File Type Reference


by Jeff Connelly

The main goal of bag archives is to provide a simple and efficient way to
combine many files into one. For that reason, it is extremely simple.

The header is at the beginning of the file:
OFFSET Count TYPE Description
0000h 3 char ID='BAG'
0003h 2 char Version, ID='11'

There is one file block for each file:
OFFSET Count TYPE Description
0000h 1 dword File length in bytes
0004h 1 byte Filename length
????h ? char Filename
????h ? char File contents

At the very end of the file is:
OFFSET Count TYPE Description
0000h 1 char EOF marker, ID=1A

A file length of zero in a file block indicates a special file that will be
used as a description. Directories are also stored in the filename field:
Filename='> dirname' means change current directory to 'dirname'.
For example,
Filename='> JEFF'
Filename='> COMPUTER'
Filename='> BAG'
Would make the directory JEFF\COMPUTER\BAG.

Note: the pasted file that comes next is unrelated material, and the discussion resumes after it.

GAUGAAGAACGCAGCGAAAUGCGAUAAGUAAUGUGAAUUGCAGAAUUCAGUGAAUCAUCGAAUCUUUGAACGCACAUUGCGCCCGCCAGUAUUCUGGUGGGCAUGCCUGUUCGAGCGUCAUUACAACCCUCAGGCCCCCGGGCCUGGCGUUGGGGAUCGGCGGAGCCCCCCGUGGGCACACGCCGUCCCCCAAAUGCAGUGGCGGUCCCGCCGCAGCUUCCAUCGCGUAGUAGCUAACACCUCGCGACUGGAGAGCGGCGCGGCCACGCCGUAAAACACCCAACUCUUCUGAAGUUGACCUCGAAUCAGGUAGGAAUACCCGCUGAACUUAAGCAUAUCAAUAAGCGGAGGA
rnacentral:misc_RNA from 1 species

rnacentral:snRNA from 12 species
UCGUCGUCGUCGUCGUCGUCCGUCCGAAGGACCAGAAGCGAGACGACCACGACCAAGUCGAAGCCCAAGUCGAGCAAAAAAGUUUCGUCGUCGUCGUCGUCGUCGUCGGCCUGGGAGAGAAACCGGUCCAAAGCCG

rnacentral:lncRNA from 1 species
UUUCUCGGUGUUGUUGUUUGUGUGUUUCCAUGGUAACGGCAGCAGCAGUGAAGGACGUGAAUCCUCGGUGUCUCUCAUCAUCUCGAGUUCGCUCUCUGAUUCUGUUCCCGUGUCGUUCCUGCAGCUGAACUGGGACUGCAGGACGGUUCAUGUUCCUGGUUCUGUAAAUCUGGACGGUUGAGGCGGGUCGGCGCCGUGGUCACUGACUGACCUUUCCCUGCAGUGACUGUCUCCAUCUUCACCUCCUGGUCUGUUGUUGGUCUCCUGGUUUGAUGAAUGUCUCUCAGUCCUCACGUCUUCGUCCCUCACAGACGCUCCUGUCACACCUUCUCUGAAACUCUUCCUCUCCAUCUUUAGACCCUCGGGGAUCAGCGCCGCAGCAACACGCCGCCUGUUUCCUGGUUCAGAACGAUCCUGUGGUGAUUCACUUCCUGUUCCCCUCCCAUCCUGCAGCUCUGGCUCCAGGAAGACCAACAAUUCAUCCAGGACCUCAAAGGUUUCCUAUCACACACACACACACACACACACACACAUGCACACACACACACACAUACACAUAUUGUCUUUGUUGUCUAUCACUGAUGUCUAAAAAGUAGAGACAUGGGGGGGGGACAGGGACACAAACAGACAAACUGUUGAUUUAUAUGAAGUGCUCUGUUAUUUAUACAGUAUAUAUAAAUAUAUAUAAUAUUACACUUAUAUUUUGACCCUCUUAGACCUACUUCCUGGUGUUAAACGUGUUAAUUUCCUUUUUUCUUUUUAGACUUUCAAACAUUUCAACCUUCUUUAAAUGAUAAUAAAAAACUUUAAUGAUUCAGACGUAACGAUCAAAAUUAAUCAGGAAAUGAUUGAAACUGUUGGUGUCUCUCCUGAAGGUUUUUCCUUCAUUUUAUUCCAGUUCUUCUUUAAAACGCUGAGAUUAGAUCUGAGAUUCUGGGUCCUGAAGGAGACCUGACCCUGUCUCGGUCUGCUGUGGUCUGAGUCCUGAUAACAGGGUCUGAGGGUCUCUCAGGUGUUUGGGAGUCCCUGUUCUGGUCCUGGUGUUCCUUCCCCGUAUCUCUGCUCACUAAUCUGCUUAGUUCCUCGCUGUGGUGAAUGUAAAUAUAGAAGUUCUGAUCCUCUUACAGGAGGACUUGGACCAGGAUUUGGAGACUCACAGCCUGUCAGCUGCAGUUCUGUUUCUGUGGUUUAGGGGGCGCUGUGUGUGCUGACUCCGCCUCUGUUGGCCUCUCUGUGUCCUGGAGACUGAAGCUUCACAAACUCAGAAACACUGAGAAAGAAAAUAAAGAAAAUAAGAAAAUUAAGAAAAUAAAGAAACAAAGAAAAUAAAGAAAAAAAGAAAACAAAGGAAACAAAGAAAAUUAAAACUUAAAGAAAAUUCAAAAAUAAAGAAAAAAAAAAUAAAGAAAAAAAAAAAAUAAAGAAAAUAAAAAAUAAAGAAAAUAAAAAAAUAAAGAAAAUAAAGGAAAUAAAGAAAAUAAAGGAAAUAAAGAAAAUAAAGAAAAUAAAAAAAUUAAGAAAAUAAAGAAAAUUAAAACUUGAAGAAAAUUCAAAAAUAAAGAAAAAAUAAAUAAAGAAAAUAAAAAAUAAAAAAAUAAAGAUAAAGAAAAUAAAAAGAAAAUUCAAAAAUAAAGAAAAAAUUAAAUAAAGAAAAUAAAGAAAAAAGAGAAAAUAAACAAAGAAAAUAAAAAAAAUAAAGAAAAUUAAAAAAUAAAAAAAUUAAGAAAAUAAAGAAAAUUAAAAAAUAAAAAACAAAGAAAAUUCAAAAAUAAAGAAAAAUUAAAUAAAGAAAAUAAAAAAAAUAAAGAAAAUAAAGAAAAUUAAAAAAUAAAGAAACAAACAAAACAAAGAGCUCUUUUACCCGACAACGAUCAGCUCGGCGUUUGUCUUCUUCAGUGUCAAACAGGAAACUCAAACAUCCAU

Files are put in the current directory.

The files contents is not always raw data, it can be compressed.
An optional four-byte signature specifies the compression scheme:
---- Compression ----
LZW LZW encoded (note extra space at end)
RLEn RLE method N (1 to 4) encoded
HUFF Huffman encoded
LZHF LZHUF encoded (LZSS + Arithmetic)
  *NOTE* The authors of LZHUF do not allow using it for any commercial purpose.
LZAR LZARI encoded (LZSS + Huffman)
WCOD Word coded -- text only
If no signature is found it is assumed to be raw data.

The word coding compression is as follows:
* Initalize dictionary (max. size FFFF)
* Loop until end-of-file
* Read a space-delimited word from the input stream
* Search for the word in the dictionary
* If it is not there, add it to the first free space and output location
  of where in the dictionary the word was added as a 16-bit integer.
* If it is there, output the location of where it is as a 16-bit integer.
* Write dictionary at end of file. Each word is null-terminated, whole
  dictionary is double-null terminated.
This means that each word will be encoded as 2 bytes.

The last character is an end-of-file character to insure the whole file was
received when transferring this archive.